Elle Roberts made it a point in the past to differentiate between the two — to ensure that political did not interfere or make anyone feel like the women317 space was no their's. Since women317 is a derivative of Shehive — a meet up of women in Indianapolis to discuss different points of sexism, race, intolerance and simply to share perspectives — it made sense for the group to fire the gun at this starting line. Now. Now, things are a bit different. The group realized that every situation they were encountering did have a personal element, but it had a systematic derivative that was rooted in a political problem. This is why Roberts decided to kick off 2016 with a night that was all about what it is like to be a woman who is considered less than by the laws that dictate the actions of Indiana and influence how women in the state are educated.

The next event that women317 will host is based on the idea of "Homecoming." They are focusing the show on immigrant artists who identify as women. The night will be a partnership between Indy Parks and Indiana Undocumented Youth Alliance (IUYA) held at Garfield Park. The park was already planning on hosting a visual art exhibit showcasing the work of women artists around the city. The Homecoming night will be in the same gallery space.

"The focus of the show is talking about the struggles of being undocumented in Indiana, specifically being a woman who is undocumented in Indiana," says Roberts. "That comes with an added layer and issue concerning gender and also not having papers. What does that mean moving through the wold, what does that mean in the united states, what does that mean in Indianapolis — all of those things present very different issues."

The idea to make this show political was not far left of where women317 has been for a while.

"When you have a show featuring all women, that is political," laughs Roberts. "They could be reciting their ABCs but [the fact that it's] all women together is political."

Another element of the show is laying the groundwork for how Indy residents can make the city a more welcoming place as a whole, and giving a president for what those spaces can look like.

Roberts quantifies it as: "How can women specifically lead the charge on talking about how undocumented people, immigrant communities, are valuable, worthy of respect and should not have to take any lack of respect."

Roberts added that she has been playing with the idea for nearly two years — since Shehive started to take root.

"What kept me from doing it was, one: wanting to build actual authentic relationships with people who identify as immigrants. And not wanting it to feel icky — like a token kind of thing. I hate that. I hate being a token and would never want to make anyone else feel like that ... [It's about] opening up this space that we created for women and realizing that when we are talking about women, we are talking about all women. A lot of time when we talk about women we have this idea in our minds and we forget that there are all kinds of different women who live here in the city. And really being intentional about making sure that people of other cultures feel like this is a space where I can be a women too."

The show will not only be held in the same gallery space as an understood space for female artists, it will host musicians, visual artists, poets and performance artists who are willing to lend their time and creative energy to raising funds for (specifically) undocumented students who, under Indiana law, are forced to pay out of state tuition even though they have grown up as a Hoosier. This is a struggle that stretches far beyond the theoretical for Dara Márquez.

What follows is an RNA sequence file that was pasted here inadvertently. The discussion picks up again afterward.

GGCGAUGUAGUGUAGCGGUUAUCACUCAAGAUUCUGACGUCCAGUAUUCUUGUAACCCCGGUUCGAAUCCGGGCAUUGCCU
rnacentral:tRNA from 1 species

Márquez is one of the poets who will be reading at Homecoming, and one of the representatives of IUYA. She, like so many other women in Indiana was denied a right to education because of her family's decision to see a more stable life.

"It (the idea of Homecoming) reminds me of the different times or different moments where my family, myself or my community has essentially been asked to go back home in different ways — not directly, but in different ways like 'go back where you came from,'" says Márquez.

She was born in Mexico but came to the Elkhart, Ind. at three-years-old. When the time came for her to attend college she found that the same year she graduated there was legislation enacted that would strip her of her scholarship due to her documentation status.

"In that college degree, our family, and our community, and our parents, will be able to earn that respect that we have often been denied — that we haven't been shown as humans," says Márquez describing the two poems that she will be blending in her reading at Homecoming in reflection of her personal experience. "Maybe not just the respect, but also the conformation and validation of our human dignity. Even "though that's not how it should be, society should respect and value all human dignity. But through a college education is how this poem is interpreting it. I combined both of those poems to tell my story and how if it weren't for my mom working as a housekeeping lady, or working in a factory and breaking her back, I wouldn't have a college education. My college degree is my demonstration of my family's sacrifice, and how much I value it, and how it will no longer be denied that that sacrifice was made."

The show will be a fundraising benefit for IUYA and the constant work they do to repeal the legislation baring undocumented students from the same education that their peers might have.